Celebrating in Michigan

  1. Arab Residents Celebrate In Michigan Streets


    POSTED: 12:56 p.m. EDT April 9, 2003
    UPDATED: 2:15 p.m. EDT April 9, 2003

    DEARBORN, Mich. -- As word spread of the statue of Saddam Hussein toppling over in Iraq Wednesday, people filled the streets of Dearborn, one of the largest Arab-American populations in the United States.

    A spontaneous parade filled Warren Avenue, from Schaeffer to Greenfield, around noon as Dearborn residents yelled, "No more Saddam." People were saying that they believe the war is almost over.

    Many people were carrying the original Iraq flag, and not the one that was changed under the regime of Saddam, WDIV-TV in Detroit reported. American flags are also flying proudly.

    A man who said his father was killed by Saddam seven years ago carried an original Iraqi flag and said he wishes this would have happened years ago.

    www.theiowachannel.com/news/2100989/detail.html

    l.rae mentioned this on another thread. They are still celebrating in Michigan. One Iraqi/American expressed thanks to America and those who paid the ultimate sacrifice for freedom.

    Last edit by mkue on Apr 9, '03
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  2. 7 Comments

  3. by   natsfanrn
    They had one guy (from Dearborn) on the news who said he had his name changed to Bush. I just can't imagine what these people are feeling seeing their homeland liberated...gives me chills
  4. by   renerian
    I am humbled and tearful. They look happy on the news..........

    renerian
  5. by   rncountry
    Being in Michigan there was quite abit about this on the News tonight. Dearborn has approximately 100,000 Iraqi's there, not to mention many other Arabic people from the Middle East. It is the largest American-Arab area in the country. I swear if I were closer to Detroit I would go down and celebrate with them. And since I go to Detroit only when absolutely necessary that is saying a great deal.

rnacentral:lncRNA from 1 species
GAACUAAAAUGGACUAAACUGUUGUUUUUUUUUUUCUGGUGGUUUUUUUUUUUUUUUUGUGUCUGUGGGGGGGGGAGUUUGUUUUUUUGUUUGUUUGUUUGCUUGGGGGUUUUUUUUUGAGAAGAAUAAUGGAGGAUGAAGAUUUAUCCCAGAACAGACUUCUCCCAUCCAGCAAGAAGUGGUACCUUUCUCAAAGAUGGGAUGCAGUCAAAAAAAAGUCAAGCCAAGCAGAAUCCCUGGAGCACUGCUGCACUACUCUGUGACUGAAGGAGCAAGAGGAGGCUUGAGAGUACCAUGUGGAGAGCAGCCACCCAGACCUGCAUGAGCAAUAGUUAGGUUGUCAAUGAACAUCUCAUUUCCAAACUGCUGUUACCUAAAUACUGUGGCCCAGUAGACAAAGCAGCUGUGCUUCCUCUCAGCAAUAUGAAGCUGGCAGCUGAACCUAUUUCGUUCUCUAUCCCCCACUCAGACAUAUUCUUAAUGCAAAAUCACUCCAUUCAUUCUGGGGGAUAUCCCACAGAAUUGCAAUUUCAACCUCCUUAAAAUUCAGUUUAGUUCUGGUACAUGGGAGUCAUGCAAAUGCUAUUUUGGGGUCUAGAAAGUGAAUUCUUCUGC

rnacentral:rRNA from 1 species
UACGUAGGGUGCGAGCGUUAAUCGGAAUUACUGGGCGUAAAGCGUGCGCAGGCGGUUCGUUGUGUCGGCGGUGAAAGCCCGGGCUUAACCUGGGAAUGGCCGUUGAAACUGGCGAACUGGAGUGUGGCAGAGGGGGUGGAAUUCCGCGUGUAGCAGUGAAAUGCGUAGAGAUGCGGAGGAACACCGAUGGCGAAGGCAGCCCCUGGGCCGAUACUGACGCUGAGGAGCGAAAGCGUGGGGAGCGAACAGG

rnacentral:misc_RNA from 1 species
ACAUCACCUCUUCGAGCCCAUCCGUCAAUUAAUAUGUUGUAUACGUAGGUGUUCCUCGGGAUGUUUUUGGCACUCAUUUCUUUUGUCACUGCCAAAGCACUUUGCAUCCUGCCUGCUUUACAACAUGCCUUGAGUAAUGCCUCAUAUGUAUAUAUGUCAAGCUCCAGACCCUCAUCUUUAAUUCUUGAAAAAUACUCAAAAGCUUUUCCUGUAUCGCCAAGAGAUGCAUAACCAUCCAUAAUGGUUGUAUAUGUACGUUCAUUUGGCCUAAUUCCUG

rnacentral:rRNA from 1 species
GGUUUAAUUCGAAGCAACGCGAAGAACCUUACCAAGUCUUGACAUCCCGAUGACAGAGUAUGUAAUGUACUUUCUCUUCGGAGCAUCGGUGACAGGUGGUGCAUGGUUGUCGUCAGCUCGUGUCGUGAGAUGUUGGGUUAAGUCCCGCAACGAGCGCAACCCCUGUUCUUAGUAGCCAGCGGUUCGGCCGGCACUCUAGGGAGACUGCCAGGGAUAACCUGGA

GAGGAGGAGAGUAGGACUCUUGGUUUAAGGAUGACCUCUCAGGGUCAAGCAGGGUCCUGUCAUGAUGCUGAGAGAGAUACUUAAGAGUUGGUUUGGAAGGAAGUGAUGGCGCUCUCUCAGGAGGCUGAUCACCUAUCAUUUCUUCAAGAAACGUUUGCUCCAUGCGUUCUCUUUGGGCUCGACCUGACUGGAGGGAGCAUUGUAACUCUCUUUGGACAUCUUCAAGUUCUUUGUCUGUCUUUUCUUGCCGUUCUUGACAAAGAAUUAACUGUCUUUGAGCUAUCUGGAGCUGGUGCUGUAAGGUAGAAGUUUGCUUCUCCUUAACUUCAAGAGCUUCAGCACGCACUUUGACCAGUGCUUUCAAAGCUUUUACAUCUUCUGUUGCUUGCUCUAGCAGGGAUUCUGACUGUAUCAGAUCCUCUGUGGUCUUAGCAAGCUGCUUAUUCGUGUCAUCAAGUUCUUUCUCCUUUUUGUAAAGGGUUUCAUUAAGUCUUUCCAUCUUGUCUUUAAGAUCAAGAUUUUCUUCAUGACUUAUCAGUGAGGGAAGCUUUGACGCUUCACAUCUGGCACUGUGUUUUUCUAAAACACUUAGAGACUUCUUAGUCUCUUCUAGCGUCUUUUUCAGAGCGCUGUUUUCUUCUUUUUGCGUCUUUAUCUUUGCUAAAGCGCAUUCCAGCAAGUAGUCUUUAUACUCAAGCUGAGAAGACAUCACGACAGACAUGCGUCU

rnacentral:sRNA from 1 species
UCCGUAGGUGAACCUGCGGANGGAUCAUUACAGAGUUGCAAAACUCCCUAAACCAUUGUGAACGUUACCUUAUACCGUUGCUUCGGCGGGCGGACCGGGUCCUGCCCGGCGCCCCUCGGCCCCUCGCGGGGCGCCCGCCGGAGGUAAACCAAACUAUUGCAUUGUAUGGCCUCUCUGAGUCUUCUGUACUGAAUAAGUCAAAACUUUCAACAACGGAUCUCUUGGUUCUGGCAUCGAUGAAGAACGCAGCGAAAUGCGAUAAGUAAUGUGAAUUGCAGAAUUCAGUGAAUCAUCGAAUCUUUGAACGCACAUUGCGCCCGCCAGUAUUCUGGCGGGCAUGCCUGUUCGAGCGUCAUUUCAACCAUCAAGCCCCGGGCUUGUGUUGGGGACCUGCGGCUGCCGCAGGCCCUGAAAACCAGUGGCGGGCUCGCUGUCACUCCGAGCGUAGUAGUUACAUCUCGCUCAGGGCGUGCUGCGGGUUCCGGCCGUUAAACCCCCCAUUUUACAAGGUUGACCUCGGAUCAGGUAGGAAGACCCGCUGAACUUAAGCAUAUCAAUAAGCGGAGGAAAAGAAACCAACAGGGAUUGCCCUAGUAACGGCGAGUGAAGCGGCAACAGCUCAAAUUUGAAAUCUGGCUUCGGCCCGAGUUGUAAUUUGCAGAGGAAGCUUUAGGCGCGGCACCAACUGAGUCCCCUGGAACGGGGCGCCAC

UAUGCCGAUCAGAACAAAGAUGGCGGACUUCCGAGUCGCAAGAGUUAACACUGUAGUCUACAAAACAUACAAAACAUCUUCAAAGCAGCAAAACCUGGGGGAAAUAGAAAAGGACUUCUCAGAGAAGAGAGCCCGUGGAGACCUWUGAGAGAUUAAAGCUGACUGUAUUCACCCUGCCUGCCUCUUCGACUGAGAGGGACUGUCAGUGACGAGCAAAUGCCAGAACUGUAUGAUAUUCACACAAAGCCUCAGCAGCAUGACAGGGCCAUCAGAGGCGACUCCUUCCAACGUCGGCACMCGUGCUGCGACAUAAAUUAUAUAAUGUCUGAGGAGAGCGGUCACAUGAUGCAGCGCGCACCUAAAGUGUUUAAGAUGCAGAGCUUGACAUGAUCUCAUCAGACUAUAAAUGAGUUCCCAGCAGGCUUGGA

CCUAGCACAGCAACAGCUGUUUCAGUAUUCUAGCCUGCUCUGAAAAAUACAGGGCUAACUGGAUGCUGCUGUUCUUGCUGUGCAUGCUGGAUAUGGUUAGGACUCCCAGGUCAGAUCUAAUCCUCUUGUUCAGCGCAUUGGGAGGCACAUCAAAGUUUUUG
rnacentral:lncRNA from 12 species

6. by   Mkue
    Helen, I'm approx. 90 min. from Detroit.

    I would have loved to celebrate with them.
  7. by   rncountry
    I'm about 2 hours.
  8. by   Mkue
    Iraqis living in USA eager to 'take our country back'
    By David Kiley, USA TODAY

    More gathered after work at a park in this Detroit suburb, home to many of the area's more than 100,000 Iraqis and Iraqi-Americans. They shared hugs, food and music, and they made plans to return to their homeland to see loved ones left behind years earlier.

    "I told my travel agent this morning I want to be on the first flight back," said Ali Al-baaj, owner of Al Zahra Fruit Market on Warren Avenue, the scene of a spontaneous parade of cars festooned with Iraqi and American flags and anti-Saddam placards.

    Kamillia Marogy of the Manera Travel Agency here says many of her customers called to inquire about a charter flight to their homeland. "I'm not sure when it will happen, but soon, I hope. ... I will go, too," she said. Her family is still in Baghdad.

    Vabil Alwayili, a truck driver from Basra, and Mahdi Aljabery, a pharmacy student, drove the streets in a Pontiac Firebird with an 8-foot U.S. flag billowing from the door frame.

    "Saddam thinks he is king of the world, but he is finished," said Alwayili, whose aunt was killed by Saddam loyalists. His cousin, a medical student, was imprisoned for 10 years and emerged mentally ill.

    "Everyone here and in Iraq has had a member of their family killed or worse by Saddam," he said.

    Faris Araaj, a student at the University of Michigan's Dearborn campus, stood by himself on a street waving an 8-foot U.S. flag at motorists most of the afternoon.

    Araaj last spoke to his family in Basra 10 days ago, before coalition troops seized control of the city.

    http://www.usatoday.com/news/world/i...elebrate_x.htm

    More gathered after work I worry about them returning so soon to Iraq, as it still might be dangerous there.
  9. by   LoisJean
    I'm about 4 hours north of Detroit. I lived in the area for a while years ago. My prayers continue for all of them- here and in the Middle East. What is happening in their home land is truly a phenomenal event.

    But, oh, the row will be a hard one to hoe for awhile. The purist freedom is planted in rocky soil and it will take patience, persistance and perseverance to see it through to fruition. May Grace see them through the difficult times ahead of them.

    Peace,
    Lois Jean

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